Americanah by Chimamanda Ngozi Adichie
It's best to get one thing said and out of the way. Americanah is Chimamanda Ngozi Adichie's best work. In a career devoid of blemish, with four truly terrific and diverse literary gems under her belt, that's no small accomplishment. Ifemelu, one of the more interesting and complex female protagonists I've encountered in recent fiction, is a marvelous creation. She is textured and so fully rendered that Adichie's wonderful style, deftly woven through her first three works, has this time been molded into a kind of portraiture. Though the novel is incredibly compelling, its richness and rewards are best savored slowly. It's a big book, full of travel, considerations of heady subjects, and more, but it's a wonderful read even when it occasionally becomes a languorous one. In the age of trickery and gimmicks, this is not a bad thing. Americanah is a book full of things worth waiting for, things that gradually illuminate the work and the reader's understanding in exciting ways. For instance, the reason behind the particular spelling of the title doesn't come into play for quite awhile. These aren't the knickknacks you'd find on Antiques Roadshow; instead, it's the selling out of one's culture.
They roared with laughter, at that word "Americanah," wreathed in glee, the fourth syllable extended, and at the thought of Bisi, a girl in the form below them, who had come back from a short trip to America with odd affectations, pretending she had no longer understood Yoruba, adding a slurred R to every English word she spoke.
The novel opens with Ifemelu about to move back to Nigeria. Her time in America, spent largely in academia, is drawing to a close. She possesses a keen and alert mind but at the onset of the novel is governed by an almost sensual attachment to environment, offering perceptions so obvious they are taken for granted. She observes that "Princeton, in the summer, smelled of nothing," whereas "Philadelphia had the musty scent of history. New Haven smelled of neglect. Baltimore smelled of brine and Brooklyn of sun-warmed garbage." Given those options, where does one fit? Does one even want to? This is just one facet of the confusion bubbling beneath Ifemelu's composed, hyper-rational surface.
Outside of her academic preoccupations, Ifemelu keeps a blog chronicling a myriad of perceptions governing race. Her reflections, tinged with a sense of recent experience, acute observation and longing, make for a continually fascinating insight into her world and, by extension, our own.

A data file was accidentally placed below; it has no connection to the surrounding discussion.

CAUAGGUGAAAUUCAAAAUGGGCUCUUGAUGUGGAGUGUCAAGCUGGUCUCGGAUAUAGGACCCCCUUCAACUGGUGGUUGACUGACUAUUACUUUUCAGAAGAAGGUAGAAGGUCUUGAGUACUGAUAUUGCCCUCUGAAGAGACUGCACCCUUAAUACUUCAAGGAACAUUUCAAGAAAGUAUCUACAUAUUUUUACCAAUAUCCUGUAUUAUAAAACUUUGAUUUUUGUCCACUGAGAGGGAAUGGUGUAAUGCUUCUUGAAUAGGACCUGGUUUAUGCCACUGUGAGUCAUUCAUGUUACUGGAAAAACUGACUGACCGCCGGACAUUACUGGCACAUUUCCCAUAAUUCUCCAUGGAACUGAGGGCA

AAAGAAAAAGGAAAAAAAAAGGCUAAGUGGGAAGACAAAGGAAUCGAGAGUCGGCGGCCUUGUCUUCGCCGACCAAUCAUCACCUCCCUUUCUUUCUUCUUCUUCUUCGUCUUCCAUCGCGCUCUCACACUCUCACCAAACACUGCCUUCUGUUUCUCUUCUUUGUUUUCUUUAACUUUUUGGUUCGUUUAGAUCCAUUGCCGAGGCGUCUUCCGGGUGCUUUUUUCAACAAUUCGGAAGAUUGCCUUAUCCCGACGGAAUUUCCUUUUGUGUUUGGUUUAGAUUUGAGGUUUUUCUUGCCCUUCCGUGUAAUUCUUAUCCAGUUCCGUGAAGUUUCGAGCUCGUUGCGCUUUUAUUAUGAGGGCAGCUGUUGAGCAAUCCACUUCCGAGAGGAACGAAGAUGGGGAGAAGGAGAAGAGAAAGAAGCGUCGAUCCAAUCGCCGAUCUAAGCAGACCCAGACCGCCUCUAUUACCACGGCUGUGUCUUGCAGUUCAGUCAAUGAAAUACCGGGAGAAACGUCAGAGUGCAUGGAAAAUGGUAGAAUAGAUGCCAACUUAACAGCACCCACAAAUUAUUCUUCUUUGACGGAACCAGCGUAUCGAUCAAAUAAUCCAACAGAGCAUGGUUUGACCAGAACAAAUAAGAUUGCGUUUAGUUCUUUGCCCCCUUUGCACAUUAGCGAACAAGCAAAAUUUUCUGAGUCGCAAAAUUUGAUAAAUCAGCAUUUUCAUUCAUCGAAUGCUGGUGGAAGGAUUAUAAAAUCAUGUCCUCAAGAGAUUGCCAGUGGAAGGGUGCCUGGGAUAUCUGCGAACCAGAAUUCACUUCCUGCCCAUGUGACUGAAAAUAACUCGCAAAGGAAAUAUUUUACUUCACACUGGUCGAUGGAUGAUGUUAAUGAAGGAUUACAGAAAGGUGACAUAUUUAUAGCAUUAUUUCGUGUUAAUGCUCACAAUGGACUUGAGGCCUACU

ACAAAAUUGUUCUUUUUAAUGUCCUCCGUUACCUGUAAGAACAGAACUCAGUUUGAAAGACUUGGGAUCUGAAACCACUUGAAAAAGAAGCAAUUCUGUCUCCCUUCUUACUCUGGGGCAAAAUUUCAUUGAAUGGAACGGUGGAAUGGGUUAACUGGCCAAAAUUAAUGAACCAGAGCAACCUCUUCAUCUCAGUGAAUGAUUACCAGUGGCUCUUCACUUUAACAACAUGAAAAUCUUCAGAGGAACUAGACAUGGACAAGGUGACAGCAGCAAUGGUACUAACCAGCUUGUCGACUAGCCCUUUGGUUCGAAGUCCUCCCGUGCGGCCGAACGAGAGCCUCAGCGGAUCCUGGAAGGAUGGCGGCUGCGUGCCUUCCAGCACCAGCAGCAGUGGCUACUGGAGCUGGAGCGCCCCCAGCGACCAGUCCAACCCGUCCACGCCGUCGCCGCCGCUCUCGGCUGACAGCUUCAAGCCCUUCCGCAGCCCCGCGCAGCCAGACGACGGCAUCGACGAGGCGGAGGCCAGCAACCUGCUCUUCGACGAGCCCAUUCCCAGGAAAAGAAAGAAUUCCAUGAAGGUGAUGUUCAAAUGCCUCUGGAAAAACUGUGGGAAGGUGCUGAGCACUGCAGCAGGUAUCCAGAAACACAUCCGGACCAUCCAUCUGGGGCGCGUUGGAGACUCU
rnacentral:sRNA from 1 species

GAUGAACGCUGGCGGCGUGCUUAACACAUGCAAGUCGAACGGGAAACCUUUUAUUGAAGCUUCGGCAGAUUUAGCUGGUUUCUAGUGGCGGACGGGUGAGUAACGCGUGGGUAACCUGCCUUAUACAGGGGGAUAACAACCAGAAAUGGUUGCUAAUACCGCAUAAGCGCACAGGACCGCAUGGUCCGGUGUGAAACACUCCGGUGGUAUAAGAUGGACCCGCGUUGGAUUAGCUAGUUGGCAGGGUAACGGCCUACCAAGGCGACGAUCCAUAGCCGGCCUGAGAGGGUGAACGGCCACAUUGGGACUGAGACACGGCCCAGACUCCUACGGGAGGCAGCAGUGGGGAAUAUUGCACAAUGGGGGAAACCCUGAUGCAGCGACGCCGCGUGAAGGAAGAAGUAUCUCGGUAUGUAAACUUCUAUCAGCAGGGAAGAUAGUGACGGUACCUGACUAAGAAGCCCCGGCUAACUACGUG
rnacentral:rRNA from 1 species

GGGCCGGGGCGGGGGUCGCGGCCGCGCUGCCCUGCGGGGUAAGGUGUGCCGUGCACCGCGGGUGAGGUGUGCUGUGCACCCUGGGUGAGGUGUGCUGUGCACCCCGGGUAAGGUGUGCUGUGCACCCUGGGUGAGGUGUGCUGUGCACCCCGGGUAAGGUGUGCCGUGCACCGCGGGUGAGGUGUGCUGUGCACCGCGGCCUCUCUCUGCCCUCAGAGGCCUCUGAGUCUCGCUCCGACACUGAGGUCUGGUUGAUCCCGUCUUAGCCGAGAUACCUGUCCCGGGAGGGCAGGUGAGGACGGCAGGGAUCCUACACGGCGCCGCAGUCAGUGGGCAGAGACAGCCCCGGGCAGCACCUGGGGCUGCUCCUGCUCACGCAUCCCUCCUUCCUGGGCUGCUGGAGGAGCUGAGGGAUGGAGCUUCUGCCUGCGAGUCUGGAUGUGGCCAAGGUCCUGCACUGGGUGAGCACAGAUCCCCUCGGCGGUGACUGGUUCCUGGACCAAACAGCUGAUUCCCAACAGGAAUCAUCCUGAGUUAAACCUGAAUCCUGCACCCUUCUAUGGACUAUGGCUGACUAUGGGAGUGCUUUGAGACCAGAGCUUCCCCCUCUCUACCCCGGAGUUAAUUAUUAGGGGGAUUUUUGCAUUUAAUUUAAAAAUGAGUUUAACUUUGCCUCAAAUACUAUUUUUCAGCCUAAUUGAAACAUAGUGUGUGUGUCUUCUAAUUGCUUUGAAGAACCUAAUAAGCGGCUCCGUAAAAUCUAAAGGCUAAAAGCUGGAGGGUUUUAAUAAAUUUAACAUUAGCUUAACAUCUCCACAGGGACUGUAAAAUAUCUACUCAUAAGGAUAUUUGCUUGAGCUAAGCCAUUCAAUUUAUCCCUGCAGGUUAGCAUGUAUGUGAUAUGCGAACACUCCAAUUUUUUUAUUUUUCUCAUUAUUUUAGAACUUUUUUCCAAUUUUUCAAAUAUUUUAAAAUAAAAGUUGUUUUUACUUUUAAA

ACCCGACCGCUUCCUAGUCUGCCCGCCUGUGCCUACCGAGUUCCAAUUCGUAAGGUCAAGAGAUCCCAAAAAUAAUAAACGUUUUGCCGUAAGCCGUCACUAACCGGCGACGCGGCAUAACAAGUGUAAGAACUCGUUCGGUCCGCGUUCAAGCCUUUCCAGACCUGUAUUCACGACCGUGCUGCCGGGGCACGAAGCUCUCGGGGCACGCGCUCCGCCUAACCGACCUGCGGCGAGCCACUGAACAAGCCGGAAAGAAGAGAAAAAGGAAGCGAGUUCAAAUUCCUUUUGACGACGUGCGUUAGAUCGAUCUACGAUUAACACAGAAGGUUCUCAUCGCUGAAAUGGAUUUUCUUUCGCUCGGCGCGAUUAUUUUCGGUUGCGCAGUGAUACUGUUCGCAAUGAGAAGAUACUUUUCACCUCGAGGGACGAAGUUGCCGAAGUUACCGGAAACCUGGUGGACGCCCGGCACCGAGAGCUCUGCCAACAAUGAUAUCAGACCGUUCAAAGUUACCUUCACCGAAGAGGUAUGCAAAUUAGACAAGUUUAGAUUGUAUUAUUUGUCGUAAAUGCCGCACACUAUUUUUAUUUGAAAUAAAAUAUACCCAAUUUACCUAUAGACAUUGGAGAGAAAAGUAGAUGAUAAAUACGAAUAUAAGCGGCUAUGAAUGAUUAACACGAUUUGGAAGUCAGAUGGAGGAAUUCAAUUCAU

If they asked what she did, she would say vaguely, "I write a lifestyle blog," because saying "I write an anonymous blog called Raceteenth or Various Observations About American Blacks (Those Formerly known as Negroes) by a Non-American Black" would make them uncomfortable.
This distinction between what she refers to, as "African-Americans" and "American-Africans" is a central part of the book. In fact, race and its complexities form a large part of the way Ifemelu engages with her world. This is as a means of not only understanding it, but also protecting oneself from it. This dichotomy is present in Ifemelu's institutional and personal relationships as the novel progresses. It's African or American, black or white, and, ultimately, America or Africa. Has she adapted a personality dominated by Americanah? She's poised to move back to Nigeria, a place she considers home but one governed by a possibility she can't face.
Will you be able to cope? -- and the suggestion, that she was somehow irrevocably altered by America, had grown thorn on her skin. Her parents, too, seemed to think that she might not be able to "cope" with Nigeria. "At least you are now an American citizen so you can always return to America," her father had said.
When Americanah opens, Ifemelu is ending a relationship with a man in Princeton, a relationship she likens to "being content in a house but always sitting by the window and looking out." Outside that window, though he once sat next to her looking out, is Obinze, a now-married and very successful Nigerian businessman and first love of Ifemelu's. As she returns to Nigeria, she resumes communication with him after a long silence. Among the many characters introduced, it's Obinze who is most captivating, next to Ifemelu of course, and Obinze with whom she can be least guarded. It's a very real relationship Adichie gradually draws out. There is love and like, distance and proximity, frissons and frigidity. Like the book itself, there is no shortage of details offered, emotions evoked or thought provoked. For a book focused so thoughtfully on the black and white, it's those ambiguous grays that end up most alluring.
Americanah by Chimamanda Ngozi Adichie